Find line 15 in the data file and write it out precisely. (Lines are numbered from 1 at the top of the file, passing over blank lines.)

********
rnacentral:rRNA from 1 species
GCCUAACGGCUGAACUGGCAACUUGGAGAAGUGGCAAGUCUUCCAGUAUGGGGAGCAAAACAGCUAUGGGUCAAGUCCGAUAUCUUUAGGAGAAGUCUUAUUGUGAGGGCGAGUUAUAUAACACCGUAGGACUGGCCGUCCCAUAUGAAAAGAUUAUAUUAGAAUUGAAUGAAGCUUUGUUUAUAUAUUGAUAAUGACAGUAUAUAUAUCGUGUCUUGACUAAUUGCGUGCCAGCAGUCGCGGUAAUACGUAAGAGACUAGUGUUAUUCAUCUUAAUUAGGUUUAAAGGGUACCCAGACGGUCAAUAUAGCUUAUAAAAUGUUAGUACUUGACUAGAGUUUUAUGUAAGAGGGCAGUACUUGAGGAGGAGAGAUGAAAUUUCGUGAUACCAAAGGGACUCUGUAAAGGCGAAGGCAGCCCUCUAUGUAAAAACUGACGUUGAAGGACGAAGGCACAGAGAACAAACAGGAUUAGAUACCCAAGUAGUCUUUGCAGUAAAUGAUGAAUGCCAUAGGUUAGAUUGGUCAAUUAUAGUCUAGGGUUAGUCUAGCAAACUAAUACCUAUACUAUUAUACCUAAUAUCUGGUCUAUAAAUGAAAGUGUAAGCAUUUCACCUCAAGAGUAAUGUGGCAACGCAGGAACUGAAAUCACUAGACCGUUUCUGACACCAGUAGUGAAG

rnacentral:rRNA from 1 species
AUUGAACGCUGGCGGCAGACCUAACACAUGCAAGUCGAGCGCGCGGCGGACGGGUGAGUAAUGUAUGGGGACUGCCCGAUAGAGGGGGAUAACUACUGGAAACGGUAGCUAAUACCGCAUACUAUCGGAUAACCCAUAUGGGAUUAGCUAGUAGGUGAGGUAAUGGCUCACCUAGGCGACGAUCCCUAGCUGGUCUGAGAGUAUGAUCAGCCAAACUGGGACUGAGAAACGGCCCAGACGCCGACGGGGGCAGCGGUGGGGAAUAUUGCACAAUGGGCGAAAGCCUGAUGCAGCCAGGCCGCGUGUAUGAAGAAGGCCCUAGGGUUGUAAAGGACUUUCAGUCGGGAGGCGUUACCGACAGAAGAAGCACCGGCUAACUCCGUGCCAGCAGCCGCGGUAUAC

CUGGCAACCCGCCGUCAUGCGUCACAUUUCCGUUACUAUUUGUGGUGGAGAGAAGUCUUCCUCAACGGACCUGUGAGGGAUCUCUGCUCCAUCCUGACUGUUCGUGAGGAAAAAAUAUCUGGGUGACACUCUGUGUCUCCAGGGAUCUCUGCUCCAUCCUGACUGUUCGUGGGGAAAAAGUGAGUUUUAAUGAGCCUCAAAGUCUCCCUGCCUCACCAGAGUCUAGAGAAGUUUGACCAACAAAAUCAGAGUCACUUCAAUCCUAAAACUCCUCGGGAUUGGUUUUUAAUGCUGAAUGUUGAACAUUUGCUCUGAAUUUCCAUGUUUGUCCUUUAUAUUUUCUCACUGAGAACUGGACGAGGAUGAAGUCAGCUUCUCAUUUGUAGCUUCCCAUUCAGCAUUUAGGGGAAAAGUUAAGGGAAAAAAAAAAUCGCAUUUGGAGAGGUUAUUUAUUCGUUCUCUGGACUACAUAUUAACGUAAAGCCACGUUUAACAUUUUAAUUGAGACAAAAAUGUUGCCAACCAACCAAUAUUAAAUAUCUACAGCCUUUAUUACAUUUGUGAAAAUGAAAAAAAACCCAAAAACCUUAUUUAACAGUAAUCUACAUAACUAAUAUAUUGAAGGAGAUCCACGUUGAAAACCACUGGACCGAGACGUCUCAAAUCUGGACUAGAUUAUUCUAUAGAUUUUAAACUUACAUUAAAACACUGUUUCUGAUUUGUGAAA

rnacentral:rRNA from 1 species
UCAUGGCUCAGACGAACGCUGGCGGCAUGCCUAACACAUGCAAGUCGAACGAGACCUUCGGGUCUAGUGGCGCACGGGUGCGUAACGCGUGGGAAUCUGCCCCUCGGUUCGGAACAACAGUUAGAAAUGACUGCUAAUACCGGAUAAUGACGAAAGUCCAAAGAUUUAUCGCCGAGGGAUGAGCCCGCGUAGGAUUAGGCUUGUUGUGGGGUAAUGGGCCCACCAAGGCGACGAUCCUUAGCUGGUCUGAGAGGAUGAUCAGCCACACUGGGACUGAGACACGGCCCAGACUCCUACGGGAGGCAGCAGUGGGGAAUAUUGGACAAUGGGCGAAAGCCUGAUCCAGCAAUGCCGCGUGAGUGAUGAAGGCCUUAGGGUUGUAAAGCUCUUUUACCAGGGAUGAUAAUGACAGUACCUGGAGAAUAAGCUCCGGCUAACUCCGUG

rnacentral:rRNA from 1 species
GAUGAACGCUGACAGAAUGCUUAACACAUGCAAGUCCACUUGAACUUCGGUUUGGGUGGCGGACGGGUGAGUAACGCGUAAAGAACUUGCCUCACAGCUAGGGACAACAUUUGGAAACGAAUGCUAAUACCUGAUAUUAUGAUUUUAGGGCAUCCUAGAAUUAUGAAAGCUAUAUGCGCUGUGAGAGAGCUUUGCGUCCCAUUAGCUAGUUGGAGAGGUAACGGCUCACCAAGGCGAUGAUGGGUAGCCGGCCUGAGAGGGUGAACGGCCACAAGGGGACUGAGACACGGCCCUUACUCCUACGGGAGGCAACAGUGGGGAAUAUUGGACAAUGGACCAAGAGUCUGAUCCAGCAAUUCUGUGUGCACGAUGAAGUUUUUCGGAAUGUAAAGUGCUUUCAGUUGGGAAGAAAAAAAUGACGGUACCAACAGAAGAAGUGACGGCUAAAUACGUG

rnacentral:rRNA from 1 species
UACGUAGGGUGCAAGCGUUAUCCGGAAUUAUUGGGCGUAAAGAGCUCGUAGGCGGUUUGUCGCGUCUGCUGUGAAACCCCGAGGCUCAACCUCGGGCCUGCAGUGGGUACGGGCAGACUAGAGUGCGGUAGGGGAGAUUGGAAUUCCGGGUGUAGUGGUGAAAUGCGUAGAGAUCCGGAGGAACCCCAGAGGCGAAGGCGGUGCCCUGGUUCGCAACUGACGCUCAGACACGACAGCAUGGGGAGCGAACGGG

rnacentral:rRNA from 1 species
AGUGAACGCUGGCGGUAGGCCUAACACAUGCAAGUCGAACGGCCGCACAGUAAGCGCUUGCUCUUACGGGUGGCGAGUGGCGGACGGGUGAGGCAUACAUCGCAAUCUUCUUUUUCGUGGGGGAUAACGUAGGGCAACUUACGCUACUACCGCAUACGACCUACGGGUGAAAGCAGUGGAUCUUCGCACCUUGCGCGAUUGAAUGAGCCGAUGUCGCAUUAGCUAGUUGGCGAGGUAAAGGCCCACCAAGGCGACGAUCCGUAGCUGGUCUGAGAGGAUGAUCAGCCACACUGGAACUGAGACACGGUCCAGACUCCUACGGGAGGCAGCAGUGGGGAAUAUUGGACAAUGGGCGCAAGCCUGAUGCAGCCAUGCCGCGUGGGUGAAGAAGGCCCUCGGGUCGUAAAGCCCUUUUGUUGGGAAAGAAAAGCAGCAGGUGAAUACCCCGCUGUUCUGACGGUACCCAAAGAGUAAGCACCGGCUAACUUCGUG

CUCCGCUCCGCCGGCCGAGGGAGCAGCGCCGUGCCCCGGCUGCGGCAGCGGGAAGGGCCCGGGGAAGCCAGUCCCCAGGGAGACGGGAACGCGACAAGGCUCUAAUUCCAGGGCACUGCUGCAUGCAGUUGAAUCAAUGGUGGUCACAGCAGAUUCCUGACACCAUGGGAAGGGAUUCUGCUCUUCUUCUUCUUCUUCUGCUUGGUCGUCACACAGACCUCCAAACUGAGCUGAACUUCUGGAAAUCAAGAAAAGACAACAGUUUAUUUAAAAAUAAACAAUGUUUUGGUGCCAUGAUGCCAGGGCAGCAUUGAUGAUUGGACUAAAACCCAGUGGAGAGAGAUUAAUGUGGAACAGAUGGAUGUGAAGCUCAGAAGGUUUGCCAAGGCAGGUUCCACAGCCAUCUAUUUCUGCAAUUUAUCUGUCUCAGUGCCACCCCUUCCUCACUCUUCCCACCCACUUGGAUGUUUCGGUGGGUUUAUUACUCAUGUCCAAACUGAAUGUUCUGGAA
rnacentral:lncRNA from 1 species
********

rnacentral:lncRNA from 1 species